Tuesday Teaser/Opening ~ Working Stiff


I'll admit it. I have odd reading tastes. This was on my wishlist, so when I found Working Stiff: Two Years, 262 Bodies, and the Making of a Medical Examiner by Judy Melinek, M.D. and T.J. Mitchell at the library (in ebook format), I glommed onto it. If you like the scientific aspect of the TV show Bones, you may well enjoy this.

Blurb:
The fearless memoir of a young forensic pathologist’s “rookie season” as a NYC medical examiner, and the cases—hair-raising and heartbreaking and impossibly complex—that shaped her as both a physician and a mother.

Just two months before the September 11 terrorist attacks, Dr. Judy Melinek began her training as a New York City forensic pathologist. With her husband T.J. and their toddler Daniel holding down the home front, Judy threw herself into the fascinating world of death investigation—performing autopsies, investigating death scenes, counseling grieving relatives. Working Stiff chronicles Judy’s two years of training, taking readers behind the police tape of some of the most harrowing deaths in the Big Apple, including a firsthand account of the events of September 11, the subsequent anthrax bio-terrorism attack, and the disastrous crash of American Airlines flight 587.

Lively, action-packed, and loaded with mordant wit, Working Stiff offers a firsthand account of daily life in one of America’s most arduous professions, and the unexpected challenges of shuttling between the domains of the living and the dead. The body never lies—and through the murders, accidents, and suicides that land on her table, Dr. Melinek lays bare the truth behind the glamorized depictions of autopsy work on shows like CSI and Law & Order to reveal the secret story of the real morgue.


Opening:
"Remember: This can only end badly." That's what my husband says anytime I start a story. He's right.

Teaser:
Quite a number of people have two or three accessory spleens, like bright red mushrooms. Others have no spleen at all. Sometimes patients who had spleens removed due to trauma will have sprouted lots of little accessory spleens all over the abdominal cavity. The spleen is a weird organ.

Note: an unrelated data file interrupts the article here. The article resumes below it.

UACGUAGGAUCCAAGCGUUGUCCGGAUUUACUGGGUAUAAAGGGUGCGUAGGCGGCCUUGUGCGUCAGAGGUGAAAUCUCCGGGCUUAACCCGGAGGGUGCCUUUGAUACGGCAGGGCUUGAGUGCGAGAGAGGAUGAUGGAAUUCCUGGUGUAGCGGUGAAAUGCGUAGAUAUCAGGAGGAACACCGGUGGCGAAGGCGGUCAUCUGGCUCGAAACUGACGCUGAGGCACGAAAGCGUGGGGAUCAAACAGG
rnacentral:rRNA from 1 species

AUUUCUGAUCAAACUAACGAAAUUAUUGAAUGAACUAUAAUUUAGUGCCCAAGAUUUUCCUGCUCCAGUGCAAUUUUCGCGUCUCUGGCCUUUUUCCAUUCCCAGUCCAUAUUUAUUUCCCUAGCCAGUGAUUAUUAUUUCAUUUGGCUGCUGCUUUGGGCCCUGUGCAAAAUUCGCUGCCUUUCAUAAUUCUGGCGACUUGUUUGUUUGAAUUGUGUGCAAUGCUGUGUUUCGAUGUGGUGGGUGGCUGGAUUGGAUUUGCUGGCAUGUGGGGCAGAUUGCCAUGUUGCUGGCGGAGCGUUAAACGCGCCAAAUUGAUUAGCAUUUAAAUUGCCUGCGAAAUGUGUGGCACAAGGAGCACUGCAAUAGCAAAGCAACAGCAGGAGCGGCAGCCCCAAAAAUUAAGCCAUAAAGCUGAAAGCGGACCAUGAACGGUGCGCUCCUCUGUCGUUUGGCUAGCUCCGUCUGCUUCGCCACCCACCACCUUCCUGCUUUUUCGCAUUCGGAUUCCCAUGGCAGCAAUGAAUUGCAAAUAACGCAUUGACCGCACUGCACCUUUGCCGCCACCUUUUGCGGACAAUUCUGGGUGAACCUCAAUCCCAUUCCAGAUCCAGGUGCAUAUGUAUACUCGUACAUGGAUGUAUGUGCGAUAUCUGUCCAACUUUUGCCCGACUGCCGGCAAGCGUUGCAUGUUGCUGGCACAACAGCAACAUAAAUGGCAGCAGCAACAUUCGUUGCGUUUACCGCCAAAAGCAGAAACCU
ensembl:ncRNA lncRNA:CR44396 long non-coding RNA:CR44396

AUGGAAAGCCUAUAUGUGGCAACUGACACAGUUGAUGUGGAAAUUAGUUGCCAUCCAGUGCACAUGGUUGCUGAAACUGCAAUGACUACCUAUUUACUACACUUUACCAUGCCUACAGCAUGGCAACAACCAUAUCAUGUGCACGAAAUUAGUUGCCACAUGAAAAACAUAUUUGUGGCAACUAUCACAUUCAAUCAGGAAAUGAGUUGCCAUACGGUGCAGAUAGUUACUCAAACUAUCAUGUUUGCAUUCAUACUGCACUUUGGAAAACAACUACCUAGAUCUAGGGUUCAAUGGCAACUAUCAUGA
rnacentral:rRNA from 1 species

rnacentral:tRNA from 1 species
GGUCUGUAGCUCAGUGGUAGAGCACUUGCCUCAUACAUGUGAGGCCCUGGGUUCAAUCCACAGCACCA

Would you read this?





Tuesdays is a weekly bookish meme, hosted by MizB of Should Be Reading. Anyone can play along! Just do the following: Grab your current readOpen to a random pageShare two (2) “teaser” sentences from somewhere on that page. BE CAREFUL NOT TO INCLUDE SPOILERS! (make sure that what you share doesn’t give too much away! You don’t want to ruin the book for others!)Share the title & author, too, so that other TT participants can add the book to their TBR Lists if they like your teasers! To see what others are sharing on the Teaser Tuesdays, check the comments at: http://adailyrhythm.com/






Share the first paragraph (or a few) from a book you are reading. Here's the link: Bibliophile By The Sea

12 comments:

  1. Oh yes, I'd love this one Suzie, and it's on my TBR list as well. enjoy

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  2. I have read a couple of reviews of this book and thought it sounded interesting. So, yes, I'd read on. Even with spleens. LOL

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  3. I never heard of 'accessory spleens'. Interesting. Yes, I'd probably enjoy this one.
    Today I'm featuring The Boston Girl by Anita Diamond.

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  4. I hadn't known that about the spleen. How interesting! I like books like this--find them fascinating. I don't often read nonfiction, however, although I usually enjoy it when I do.

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  5. I do love that opening and this does sound like a book I'd enjoy - my niece has accessory spleens btw.

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    1. I'm afraid to ask how you know that.

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  6. Forensic pathologists get me every time... would love to read this one!

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  7. I like the opening, but forensics isn't really my genre. I hope its enjoyable for you.

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  8. This one looks really interesting. I'd keep reading!

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  9. I'm interested. I'd keep reading.

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  10. This one sounds fascinating, especially the part about sprouting accessory spleens. Thanks for sharing...and for visiting my blog.

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